Zana Parker is a counsellor in private practice, an experienced antenatal educator and hypnobirthing instructor through which she first identified the power of breathwork. Using ‘everyday language’ rather than the technical language of Neuroscience she invited us to join in an entirely experiential and felt learning experience. It was clear just how empowering her choice of ‘experiential’ was as it duly encouraged us to relate in the moment, in the group, physically, emotionally and psychologically with what was happening within our bodies and its felt sense. Zana said trust in ourselves, others and the process is the key to positive outcomes.

Through experiential discussion, guided relaxation and exercises Zana helped us understand how important breathing deeply and calmly was to our, and our clients, wellbeing. She explained people tended to think breathing in was the most important element to staying alive but we do this action automatically and without thought. It is the breathing out effectively which is vital!  We breathe in or inhale oxygen and breathe out or exhale carbon dioxide. The correct balance between these two gasses within our lungs and bodies is extremely important to supporting our wellbeing and so aiding us to face life’s issues and traumas in a calm and balanced way. This workshop, Zana said, would build our confidence to demonstrate calm, beneficial breathing to clients. It would also enable us to experiment with different aspects of breathing in a safe, accepting space and so benefit personally as well as theoretically from such a restorative day. She also stressed there are no ‘silly questions’, all thoughts and queries are valid inputs to our discussions because ‘we all need to find out something’. 

Focusing on breathwork calms the autonomic system. It helps to enhance feelings of empowerment, manage pain, lower blood pressure and aid healthier sleep patterns. It is known that nasal breathing can help with allergies, such as hay-fever, and also warms the breath before it enters the lungs. Zana said, breathwork is always helpful, but not everyone will find it useful due to personal circumstance. 

We learned to tense our bodies completely, from the feet up, and to hold that tension absolutely  tight, to breathe in and then suddenly exhale completely with as long a breath as possible – the body instantly ‘lets go’ of all the tension. Next, we breathed in through our noses, and then exhaled imagining a gold ribbon (or something else) extending from our breath whilst we pushed it away for as long as possible – watching our breath go wherever we wished it to. Zana suggested the in-breath should be shorter than the out-breath: say 4 counts in and then 6 or more out. The idea is, over time, to build the out-breath to as high a number as possible, taking into account, of course, any respiratory or other issues we or our clients may have.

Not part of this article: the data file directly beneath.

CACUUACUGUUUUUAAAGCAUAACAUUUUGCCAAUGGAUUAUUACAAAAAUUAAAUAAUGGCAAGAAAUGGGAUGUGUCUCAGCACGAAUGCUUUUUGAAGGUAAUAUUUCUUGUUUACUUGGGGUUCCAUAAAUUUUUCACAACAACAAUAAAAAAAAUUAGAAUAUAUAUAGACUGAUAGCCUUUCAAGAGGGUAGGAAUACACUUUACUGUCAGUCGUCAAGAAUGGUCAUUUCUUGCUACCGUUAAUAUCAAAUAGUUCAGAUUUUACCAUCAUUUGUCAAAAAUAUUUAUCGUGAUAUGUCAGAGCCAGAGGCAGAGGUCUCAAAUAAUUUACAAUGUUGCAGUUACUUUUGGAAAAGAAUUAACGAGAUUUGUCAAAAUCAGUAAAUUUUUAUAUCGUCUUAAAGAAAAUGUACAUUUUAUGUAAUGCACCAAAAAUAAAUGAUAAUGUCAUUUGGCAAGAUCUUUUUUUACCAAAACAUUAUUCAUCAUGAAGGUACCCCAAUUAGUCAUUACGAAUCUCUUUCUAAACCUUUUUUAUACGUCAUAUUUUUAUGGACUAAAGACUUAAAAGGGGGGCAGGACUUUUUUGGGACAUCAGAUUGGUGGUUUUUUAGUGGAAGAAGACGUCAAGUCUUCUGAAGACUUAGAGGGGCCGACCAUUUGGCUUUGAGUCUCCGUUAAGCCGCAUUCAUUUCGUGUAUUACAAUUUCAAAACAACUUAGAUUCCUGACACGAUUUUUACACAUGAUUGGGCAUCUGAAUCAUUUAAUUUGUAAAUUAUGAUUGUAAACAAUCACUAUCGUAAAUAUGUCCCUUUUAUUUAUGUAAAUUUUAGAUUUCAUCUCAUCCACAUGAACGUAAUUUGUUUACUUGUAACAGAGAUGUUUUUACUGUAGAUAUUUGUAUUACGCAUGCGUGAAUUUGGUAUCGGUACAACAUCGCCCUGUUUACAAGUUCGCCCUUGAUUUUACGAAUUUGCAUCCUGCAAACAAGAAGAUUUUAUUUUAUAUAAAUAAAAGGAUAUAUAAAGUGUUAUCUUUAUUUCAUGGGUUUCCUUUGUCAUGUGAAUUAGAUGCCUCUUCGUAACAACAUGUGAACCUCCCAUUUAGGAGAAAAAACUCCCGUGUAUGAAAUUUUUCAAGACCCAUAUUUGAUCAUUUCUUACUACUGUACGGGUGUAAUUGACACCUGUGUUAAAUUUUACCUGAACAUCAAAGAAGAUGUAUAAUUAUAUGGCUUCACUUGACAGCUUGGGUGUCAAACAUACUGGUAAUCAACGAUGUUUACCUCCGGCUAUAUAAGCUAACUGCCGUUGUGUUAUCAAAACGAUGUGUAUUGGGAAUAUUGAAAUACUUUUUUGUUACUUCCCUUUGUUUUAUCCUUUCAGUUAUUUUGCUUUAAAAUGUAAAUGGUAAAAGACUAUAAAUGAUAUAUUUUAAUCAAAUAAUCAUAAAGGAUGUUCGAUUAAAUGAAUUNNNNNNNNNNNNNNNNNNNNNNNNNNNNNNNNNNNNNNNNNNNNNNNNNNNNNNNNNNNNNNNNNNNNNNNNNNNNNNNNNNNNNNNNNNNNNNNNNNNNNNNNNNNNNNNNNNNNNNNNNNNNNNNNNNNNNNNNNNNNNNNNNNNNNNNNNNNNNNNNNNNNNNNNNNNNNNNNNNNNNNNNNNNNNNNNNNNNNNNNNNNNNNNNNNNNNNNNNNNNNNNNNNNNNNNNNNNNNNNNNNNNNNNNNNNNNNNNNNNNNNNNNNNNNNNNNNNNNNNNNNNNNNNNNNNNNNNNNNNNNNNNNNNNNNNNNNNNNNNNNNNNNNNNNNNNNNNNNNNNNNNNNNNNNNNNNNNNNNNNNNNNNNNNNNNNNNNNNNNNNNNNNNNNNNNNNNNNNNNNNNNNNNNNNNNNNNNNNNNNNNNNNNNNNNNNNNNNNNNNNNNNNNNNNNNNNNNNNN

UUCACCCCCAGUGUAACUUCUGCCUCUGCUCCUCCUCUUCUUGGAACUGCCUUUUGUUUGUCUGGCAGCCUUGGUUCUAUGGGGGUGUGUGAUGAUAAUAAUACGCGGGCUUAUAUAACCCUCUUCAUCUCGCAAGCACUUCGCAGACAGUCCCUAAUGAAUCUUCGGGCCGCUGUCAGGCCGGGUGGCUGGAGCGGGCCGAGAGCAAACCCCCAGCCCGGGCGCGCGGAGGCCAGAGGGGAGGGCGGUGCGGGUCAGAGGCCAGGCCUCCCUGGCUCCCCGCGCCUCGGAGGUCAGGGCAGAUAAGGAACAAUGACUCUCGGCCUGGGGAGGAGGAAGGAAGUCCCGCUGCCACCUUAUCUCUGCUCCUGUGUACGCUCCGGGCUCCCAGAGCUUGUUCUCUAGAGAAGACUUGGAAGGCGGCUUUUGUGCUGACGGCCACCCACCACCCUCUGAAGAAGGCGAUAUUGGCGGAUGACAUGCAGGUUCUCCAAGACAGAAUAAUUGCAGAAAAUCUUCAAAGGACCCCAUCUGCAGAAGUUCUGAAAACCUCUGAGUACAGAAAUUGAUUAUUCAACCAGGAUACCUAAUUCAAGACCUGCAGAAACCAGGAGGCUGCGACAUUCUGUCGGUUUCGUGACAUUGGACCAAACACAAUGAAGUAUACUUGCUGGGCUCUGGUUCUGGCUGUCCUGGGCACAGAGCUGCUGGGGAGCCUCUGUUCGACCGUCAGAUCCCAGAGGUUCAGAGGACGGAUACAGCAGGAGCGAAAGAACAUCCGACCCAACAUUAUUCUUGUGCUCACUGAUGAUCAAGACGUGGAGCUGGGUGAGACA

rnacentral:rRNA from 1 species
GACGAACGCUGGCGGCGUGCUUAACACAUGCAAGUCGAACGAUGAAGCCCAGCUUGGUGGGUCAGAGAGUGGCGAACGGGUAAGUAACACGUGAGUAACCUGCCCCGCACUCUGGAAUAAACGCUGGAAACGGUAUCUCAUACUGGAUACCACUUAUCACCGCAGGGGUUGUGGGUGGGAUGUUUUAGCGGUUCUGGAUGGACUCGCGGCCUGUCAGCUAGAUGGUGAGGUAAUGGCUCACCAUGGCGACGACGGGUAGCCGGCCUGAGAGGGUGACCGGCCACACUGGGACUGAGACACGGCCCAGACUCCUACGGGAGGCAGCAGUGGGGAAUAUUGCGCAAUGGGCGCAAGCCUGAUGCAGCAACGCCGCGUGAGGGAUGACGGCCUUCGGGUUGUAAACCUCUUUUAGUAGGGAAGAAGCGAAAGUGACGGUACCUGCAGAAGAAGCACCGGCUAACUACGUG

At Zana’s request we each drew on a outline of a ‘gingerbread man’ the places in our bodies where stress always goes, using colour and images to show what it looked or felt like – what colour was it, was it smooth, spiky, irregular, dark or light whilst particularly noticing how we felt.

Breathwork was then used to reduce the amount of tension or worry held within our bodies. Firstly, breathing in deeply, holding it for a moment, and then consciously exhaling all our held tensions for as many seconds as was possible. As we did this such tension seemed noticeably to reduce as we  purposefully exhaled it away from us, imagining it all floating out into the ether.  

Breathwork, Zana explained, may help to reduce the effects of pain, trauma, loss, anxiety, worry or fear. Such issues may arise from potential traumatic events, bereavement, pregnancy, relationship breakdown, exams or driving tests. Zana discussed this more fully (whilst protecting the confidentiality of her client work) through sharing anecdotes of her experiences with clients particularly women in labour, those with anxiety or people suffering severe and continuing pain or trauma, which helped deepen our understanding.

Towards the end of the day, Zana led us through a guided relaxation explaining that it is important to keep the voice neutral, calm and reassuring – there is no need to whisper, just ensure all can hear you clearly. When with clients, we need to ask them to think about their special safe place where it feels peaceful and calm which, of course, we would all need to do during this workshop. Initially speaking at her normal pace, Zana checked everyone was comfortable in their laying down or seated positions and then gradually slowed her speaking pace down, asking us to focus on our in-breath whilst noticing maybe a warm colour flowing through our bodies. As we relaxed through our breathing Zana asked us to focus on what we might ‘see in our mind’s eye, hear or perhaps smell’ and to just go with it – noting it is helpful to use all the senses if possible. We then needed to focus on our out-breath, exhaling as long as we could whilst Zana asked if we were aware of any change in the colour as we released the tensions or worries we had been holding. Zana talked us through the feelings and sensations we might be experiencing, saying its ok if our minds wander and to just bring our attention back to her voice. Zana explained ‘Feeling and being relaxed in this way builds your sense of inner trust … you feel more calm, capable and confident’. 

Thank you, Zana, for such a nourishing, restorative day during which so much was explored which this review can only very briefly revisit. The positive joy of such a gentle, experiential day of ‘Breathwork’ was inspired by just being and not doing.

Reviewed  by Jacqueline Holloway